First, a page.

15:19 See D51 model steam trains exhibited at the SL 96 Museum.
Moka Station, shaped like a steam locomotive, has been chosen as one of 100 best stations of the Kanto Region.
We arrived at Moka Station at 15:19. The station is uniquely shaped like a steam locomotive, with the SL 96 (pronounced kyu-roku) Museum standing next door.
The SL 96 Museum stands immediately to the right when you exit Moka Station to the east.
The museum exhibits steam locomotives and diesel powered trains, and is named after the 9600 model of steam locomotives, which is displayed indoors. The 9600 model is one of Japan’s representative locomotives of the Taisho era (1912-1926), which it is widely recognized today by its nickname of “kyu-roku” (which means 9 and 6 in Japanese). Other train types on display include a D51 model steam locomotive, and a blue colored “Suhafu 4425” model passenger train.
The coveted D51 type steam locomotive
The Suhafu 4425 model was built in the 1950s and was used until the 1980s.
【SL 96 Museum Information】
address：〒321-4306 2474-6 Daimachi, Moka City, Tochigi Prefecture
Holidays：Tuesdays（the following day if Tuesday falls on a public holiday), Year-end, New Year period （December 29〜January 3）
Access：Walk from Moka Station（about 1 minute）
*Visit official website here
16:32 All things come to an end: the trip back to Tokyo
We took the local train from Moka Station to Shimodate Station
Our trip ended with a visit to SL 96 Museum where we explored the appeal of steam locomotives. From Moka Station, we boarded a local train back to central Tokyo. On this day, we took the 16:32 train, which arrived at Shimodate Station at 16:58. The travel time between Shimodate Station to central Tokyo can take about 2 hours and 10 minutes depending on the number of stops along the way.
When the days are long, a sunset walk around] Moka is recommended. The Gyoyagawa Riverside Park, which is about a 12-minute walk from Moka Station, is the perfect place to visit when the cherry blossoms are in full bloom around April. The riverside is covered with roughly 200 blooming cherry trees that are about 80 years old. The sun sets at around 18:00 at this time of the year, so if it is warm, why not go out cherry blossom viewing after dark and return to Tokyo later.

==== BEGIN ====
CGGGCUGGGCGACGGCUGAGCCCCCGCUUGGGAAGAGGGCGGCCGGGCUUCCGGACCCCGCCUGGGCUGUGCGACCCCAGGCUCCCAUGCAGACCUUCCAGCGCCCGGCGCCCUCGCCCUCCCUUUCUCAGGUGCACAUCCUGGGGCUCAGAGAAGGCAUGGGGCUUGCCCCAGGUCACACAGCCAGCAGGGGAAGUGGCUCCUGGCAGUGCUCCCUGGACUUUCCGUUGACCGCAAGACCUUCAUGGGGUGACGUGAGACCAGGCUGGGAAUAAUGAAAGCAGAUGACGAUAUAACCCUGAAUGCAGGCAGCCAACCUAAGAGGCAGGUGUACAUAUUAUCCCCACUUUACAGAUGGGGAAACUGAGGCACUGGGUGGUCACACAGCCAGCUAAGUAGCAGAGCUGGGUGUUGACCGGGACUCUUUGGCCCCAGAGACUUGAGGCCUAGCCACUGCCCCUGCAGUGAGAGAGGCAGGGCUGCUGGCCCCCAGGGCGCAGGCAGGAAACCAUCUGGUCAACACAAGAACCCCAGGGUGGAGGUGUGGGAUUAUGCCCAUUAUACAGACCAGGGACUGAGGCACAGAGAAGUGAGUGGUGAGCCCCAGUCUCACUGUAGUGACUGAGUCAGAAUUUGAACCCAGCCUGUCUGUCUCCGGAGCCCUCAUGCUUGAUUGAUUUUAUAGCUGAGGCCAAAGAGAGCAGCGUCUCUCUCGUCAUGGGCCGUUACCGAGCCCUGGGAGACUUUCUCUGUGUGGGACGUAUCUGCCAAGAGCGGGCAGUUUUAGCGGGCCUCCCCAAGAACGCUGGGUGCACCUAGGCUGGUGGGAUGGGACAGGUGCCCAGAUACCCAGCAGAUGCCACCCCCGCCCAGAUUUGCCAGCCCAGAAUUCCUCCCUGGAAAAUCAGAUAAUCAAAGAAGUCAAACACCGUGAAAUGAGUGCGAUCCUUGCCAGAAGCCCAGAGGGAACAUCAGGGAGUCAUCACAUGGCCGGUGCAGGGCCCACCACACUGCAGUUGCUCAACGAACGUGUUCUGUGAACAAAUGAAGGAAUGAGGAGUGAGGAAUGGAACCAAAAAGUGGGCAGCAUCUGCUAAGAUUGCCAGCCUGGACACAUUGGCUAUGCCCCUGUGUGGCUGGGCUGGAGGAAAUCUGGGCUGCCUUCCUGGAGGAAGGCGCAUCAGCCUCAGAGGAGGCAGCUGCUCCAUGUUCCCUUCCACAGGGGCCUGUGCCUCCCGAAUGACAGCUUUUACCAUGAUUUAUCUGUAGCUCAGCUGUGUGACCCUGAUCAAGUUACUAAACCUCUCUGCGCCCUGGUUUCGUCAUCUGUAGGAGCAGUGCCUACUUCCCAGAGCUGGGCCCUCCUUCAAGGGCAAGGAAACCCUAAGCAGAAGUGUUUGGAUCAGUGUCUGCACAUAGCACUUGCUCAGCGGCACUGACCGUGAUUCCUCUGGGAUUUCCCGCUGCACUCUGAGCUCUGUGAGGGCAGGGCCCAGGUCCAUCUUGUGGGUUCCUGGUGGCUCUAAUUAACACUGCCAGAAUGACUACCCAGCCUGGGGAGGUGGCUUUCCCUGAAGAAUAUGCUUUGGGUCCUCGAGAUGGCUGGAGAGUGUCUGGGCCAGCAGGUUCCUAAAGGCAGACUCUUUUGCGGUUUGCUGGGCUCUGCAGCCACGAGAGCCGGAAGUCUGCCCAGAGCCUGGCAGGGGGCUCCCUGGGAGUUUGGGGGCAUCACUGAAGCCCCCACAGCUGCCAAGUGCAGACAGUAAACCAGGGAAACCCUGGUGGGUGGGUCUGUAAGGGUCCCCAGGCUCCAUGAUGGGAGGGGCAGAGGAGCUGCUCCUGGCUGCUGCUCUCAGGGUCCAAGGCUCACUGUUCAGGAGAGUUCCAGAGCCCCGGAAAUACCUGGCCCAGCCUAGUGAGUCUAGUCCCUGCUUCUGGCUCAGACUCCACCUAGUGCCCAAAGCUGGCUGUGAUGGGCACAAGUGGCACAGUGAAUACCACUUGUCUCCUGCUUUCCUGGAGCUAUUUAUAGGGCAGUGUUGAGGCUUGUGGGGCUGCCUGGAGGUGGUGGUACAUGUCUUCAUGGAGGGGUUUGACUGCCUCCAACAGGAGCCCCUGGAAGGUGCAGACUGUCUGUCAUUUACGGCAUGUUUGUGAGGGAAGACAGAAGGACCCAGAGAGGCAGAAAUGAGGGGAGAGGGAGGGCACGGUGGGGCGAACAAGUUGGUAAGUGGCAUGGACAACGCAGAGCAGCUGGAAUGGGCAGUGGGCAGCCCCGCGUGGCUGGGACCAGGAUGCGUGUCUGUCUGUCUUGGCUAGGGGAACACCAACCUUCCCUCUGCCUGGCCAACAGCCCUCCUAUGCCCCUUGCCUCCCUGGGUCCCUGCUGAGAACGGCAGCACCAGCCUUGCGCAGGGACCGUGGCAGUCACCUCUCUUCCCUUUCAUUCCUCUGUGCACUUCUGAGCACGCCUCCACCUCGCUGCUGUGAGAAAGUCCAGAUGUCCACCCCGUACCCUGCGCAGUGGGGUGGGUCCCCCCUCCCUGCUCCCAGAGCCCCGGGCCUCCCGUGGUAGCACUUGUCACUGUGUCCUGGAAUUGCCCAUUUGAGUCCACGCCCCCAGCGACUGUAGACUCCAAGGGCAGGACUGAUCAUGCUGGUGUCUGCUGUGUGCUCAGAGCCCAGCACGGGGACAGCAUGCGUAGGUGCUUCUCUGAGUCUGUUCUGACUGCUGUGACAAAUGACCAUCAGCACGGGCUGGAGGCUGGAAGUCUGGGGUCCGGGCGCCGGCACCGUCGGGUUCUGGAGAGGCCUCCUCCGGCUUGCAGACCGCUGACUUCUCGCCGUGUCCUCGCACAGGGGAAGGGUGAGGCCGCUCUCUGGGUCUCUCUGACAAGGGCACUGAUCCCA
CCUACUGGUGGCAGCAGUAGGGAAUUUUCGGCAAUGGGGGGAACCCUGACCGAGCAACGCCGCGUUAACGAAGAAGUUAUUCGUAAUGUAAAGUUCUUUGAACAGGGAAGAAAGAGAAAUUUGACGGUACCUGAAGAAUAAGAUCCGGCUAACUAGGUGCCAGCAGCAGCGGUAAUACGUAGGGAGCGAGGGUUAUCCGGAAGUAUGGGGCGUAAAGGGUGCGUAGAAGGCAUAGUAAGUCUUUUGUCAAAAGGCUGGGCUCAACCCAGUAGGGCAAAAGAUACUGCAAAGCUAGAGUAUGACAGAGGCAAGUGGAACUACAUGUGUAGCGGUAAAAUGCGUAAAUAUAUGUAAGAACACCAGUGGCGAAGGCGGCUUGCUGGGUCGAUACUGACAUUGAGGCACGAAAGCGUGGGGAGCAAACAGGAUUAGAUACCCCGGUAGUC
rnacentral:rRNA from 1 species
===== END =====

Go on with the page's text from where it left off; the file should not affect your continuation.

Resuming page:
Interview: What draws people to SL Moka?
Before closing this article, the following is an interview with Mr Ataru Takemae, who is in charge of public relations at Moka Railway’s General Affairs Section.
“The SL Moka C12 model locomotive that is currently in service used to be displayed in a park. We bought the train and maintained it and it has been operating on the Moka Line since 1994. The same C12 trains actually serviced the line when it was run by the National Railway, so I assume that steam locomotives in action were a common sight back then.
While there are other lines in Japan that use steam locomotives, those are largely ‘tourism trains’. The feeling that SL Moka gives off is much more like an active train service, and that may be one of its greatest appeals. The landscape outside the window is also varied, as it changes from views of the city to the countryside. As you can open the windows, you can actually experience the sound of the train whistle and the smell of the smoke.”
After riding the SL Moka ourselves, we were amazed by its powerful action, and the sound and smell of the billowing smoke. You actually need to ride this train to share this amazing feeling.
We asked Mr Takemae to recommend sections of the SL Moka that make it more fun to ride the train.
“First of all, the roughly 3km straight track between Shichi-i and Mashiko, in the inbound direction. The train speed is quite fast, so you can see the train in “serious” action. Also, check out the steep slope between Motegi and Tenyaba, where the steam locomotive travels upward as it makes a chugging noise and spurts out smoke.
Season-wise, the cherry blossom and rape flower seasons are certainly nice, but winter is also popular among train photographers because the lower temperatures create beautiful trails of smoke. In any case, I hope people enjoy the SL Moka at various seasons.
The SL Moka running through snow-covered fields. A clear long trail of smoke can be seen behind the train. (Photo courtesy: Moka Railway)
We slightly regretted turning back at Mashiko after hearing Mr Takemae’s suggestions. Next time, we hope to travel until the last stop of Motegi, and ride the steam locomotive as it powers up the steep slope.
Enjoy the collaboration of cherry blossoms and rapeseed flowers, and take home some Mashiko-ware pottery!
The Moka Railway is a local line with few tourists passengers, which means you can take in views of a landscape teeming with daily life. It takes more than 2 hours from Tokyo just to get on the steam locomotive, but once you are on board, it is a fun experience that cannot be had near Tokyo.
The combination of cherry blossoms and rapeseed flowers are wonderful if you visit during spring. We hope you also take a one-day trip on the SL Moka train, which is full of opportunities to discover Mashiko pottery ware and breathtaking views.